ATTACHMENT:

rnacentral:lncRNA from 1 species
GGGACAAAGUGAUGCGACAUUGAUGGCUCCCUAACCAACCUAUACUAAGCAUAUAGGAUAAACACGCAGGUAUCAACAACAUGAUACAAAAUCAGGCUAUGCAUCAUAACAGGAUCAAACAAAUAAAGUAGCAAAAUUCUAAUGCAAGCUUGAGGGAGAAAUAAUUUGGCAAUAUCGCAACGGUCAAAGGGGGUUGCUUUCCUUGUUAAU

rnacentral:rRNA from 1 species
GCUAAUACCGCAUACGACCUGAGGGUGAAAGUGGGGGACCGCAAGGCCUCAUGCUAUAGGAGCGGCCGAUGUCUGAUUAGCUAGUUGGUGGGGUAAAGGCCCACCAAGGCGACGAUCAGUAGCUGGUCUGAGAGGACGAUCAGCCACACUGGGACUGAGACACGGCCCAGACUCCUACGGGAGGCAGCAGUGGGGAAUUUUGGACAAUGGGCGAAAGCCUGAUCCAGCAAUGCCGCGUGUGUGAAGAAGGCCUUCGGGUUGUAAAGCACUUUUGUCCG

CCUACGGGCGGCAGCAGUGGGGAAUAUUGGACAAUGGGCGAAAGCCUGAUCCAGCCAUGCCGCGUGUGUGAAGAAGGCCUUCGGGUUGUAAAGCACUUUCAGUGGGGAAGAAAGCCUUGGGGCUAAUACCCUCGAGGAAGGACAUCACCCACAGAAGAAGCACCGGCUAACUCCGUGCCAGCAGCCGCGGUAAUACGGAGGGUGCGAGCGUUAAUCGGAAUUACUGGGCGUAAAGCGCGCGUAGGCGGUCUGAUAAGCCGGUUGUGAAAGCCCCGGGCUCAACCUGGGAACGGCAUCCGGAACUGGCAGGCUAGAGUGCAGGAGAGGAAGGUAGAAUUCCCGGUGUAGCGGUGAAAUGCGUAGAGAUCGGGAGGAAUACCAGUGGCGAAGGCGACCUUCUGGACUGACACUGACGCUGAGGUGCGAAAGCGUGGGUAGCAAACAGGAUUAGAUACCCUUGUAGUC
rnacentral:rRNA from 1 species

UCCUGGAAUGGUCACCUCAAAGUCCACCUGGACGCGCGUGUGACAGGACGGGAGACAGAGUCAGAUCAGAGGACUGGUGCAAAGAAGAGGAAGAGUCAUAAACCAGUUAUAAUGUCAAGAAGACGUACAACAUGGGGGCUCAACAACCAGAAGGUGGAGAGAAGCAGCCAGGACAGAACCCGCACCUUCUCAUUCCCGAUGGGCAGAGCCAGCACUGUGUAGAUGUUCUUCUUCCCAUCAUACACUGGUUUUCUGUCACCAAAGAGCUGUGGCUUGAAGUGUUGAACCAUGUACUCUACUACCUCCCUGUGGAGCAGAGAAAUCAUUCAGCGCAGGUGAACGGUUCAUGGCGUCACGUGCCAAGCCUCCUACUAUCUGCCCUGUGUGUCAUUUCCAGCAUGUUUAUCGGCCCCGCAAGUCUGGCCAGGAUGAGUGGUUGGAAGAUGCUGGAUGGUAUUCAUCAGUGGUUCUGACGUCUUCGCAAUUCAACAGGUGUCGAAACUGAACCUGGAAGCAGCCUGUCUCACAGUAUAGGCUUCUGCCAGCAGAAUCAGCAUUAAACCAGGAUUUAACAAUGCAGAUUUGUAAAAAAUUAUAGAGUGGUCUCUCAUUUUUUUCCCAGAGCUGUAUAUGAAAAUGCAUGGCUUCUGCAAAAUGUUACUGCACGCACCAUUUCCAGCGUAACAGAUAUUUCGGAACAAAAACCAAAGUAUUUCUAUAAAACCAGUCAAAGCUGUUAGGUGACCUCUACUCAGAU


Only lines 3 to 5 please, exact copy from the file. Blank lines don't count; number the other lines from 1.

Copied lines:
rnacentral:rRNA from 1 species
GCUAAUACCGCAUACGACCUGAGGGUGAAAGUGGGGGACCGCAAGGCCUCAUGCUAUAGGAGCGGCCGAUGUCUGAUUAGCUAGUUGGUGGGGUAAAGGCCCACCAAGGCGACGAUCAGUAGCUGGUCUGAGAGGACGAUCAGCCACACUGGGACUGAGACACGGCCCAGACUCCUACGGGAGGCAGCAGUGGGGAAUUUUGGACAAUGGGCGAAAGCCUGAUCCAGCAAUGCCGCGUGUGUGAAGAAGGCCUUCGGGUUGUAAAGCACUUUUGUCCG

CCUACGGGCGGCAGCAGUGGGGAAUAUUGGACAAUGGGCGAAAGCCUGAUCCAGCCAUGCCGCGUGUGUGAAGAAGGCCUUCGGGUUGUAAAGCACUUUCAGUGGGGAAGAAAGCCUUGGGGCUAAUACCCUCGAGGAAGGACAUCACCCACAGAAGAAGCACCGGCUAACUCCGUGCCAGCAGCCGCGGUAAUACGGAGGGUGCGAGCGUUAAUCGGAAUUACUGGGCGUAAAGCGCGCGUAGGCGGUCUGAUAAGCCGGUUGUGAAAGCCCCGGGCUCAACCUGGGAACGGCAUCCGGAACUGGCAGGCUAGAGUGCAGGAGAGGAAGGUAGAAUUCCCGGUGUAGCGGUGAAAUGCGUAGAGAUCGGGAGGAAUACCAGUGGCGAAGGCGACCUUCUGGACUGACACUGACGCUGAGGUGCGAAAGCGUGGGUAGCAAACAGGAUUAGAUACCCUUGUAGUC